A Culture of Extrinsically Motivated Students: Chemistry

Main Article Content

Jessica Orvis
Diana Sturges
P. Dawn Tysinger
Keenya Riggins
Shainaz Landge


Recent research indicates that students are adopting a consumerist approach to education, while data shows that the best academic outcomes are associated with intrinisc motivation. The goal of the study was to explore student academic motivation in an undergraduate Principles of Chemistry I class. The pilot study targeted approximately 432 students at a large, public four year university enrolled in 9 sections of the class over two semesters. Student academic motivation was measured using the adapted Academic Motivation Scale (AMS). A total of 311 students returned the survey (response rate = 72 %). The results indicated that students enrolled in Chemistry I classes were extrinsically motivated more than intrinsically motivated. The types of extrinsic motivation identified by students were the least autonomous ones, such as external and introjected regulation.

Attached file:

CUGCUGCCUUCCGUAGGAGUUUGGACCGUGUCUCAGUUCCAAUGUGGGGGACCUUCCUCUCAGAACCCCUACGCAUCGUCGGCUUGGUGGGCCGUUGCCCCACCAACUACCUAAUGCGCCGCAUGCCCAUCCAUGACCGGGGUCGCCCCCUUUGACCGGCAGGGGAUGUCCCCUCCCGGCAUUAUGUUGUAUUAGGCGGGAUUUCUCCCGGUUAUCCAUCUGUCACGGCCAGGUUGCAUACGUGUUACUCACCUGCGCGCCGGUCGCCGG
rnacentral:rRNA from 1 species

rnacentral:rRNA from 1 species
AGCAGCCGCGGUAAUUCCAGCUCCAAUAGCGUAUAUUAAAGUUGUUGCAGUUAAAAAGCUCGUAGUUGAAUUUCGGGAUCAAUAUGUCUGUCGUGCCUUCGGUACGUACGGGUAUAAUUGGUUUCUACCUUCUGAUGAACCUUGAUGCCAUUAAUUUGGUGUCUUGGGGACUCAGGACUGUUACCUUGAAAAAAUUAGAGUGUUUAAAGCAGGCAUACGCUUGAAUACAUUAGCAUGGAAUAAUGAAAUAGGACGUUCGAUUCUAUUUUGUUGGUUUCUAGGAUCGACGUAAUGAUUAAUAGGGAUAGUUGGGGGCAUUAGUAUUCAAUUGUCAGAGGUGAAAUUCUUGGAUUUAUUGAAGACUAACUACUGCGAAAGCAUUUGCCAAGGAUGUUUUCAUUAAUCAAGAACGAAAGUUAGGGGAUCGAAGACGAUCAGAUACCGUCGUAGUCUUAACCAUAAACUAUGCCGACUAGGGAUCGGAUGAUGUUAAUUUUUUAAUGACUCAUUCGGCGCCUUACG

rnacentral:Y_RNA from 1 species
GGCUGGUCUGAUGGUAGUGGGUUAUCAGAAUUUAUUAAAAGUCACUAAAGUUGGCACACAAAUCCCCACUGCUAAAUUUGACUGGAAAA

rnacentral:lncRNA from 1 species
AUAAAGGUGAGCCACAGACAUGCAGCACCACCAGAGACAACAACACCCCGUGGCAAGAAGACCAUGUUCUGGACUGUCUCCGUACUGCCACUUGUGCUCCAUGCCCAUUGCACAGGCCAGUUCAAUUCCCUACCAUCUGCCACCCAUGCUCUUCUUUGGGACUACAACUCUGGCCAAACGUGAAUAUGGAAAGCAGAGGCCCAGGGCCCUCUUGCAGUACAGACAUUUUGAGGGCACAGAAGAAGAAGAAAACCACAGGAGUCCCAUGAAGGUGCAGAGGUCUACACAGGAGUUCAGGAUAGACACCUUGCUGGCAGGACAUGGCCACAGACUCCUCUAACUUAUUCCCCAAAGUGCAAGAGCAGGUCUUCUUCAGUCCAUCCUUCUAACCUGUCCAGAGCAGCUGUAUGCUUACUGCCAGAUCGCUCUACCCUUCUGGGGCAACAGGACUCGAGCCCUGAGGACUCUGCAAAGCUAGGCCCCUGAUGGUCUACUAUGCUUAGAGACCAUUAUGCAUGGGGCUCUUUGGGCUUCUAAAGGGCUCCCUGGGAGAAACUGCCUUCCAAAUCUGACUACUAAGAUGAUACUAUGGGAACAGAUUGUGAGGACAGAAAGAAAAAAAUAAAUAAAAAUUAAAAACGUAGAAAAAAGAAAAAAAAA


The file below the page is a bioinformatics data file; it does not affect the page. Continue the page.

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How to Cite
Orvis, J., Sturges, D., Tysinger, P. D., Riggins, K., & Landge, S. (2018). A Culture of Extrinsically Motivated Students: Chemistry. Journal of the Scholarship of Teaching and Learning, 18(1), 43–57. https://doi.org/10.14434/josotl.v18i1.21427
Author Biographies

Jessica Orvis, Georgia Southern University

Chemistry Department, Associate Professor, Georgia Southern University

Diana Sturges

School of Health and Kinesiology, Associate Professor, Georgia Southern University

P. Dawn Tysinger

Department of Leadership, Technology, and Human Development, Associate Professor, Georgia Southern University

Keenya Riggins

Chemistry graduate from Georgia Southern University, Pharmacy student at Mercer University

Shainaz Landge

Chemistry Department, Lecturer, Georgia Southern University


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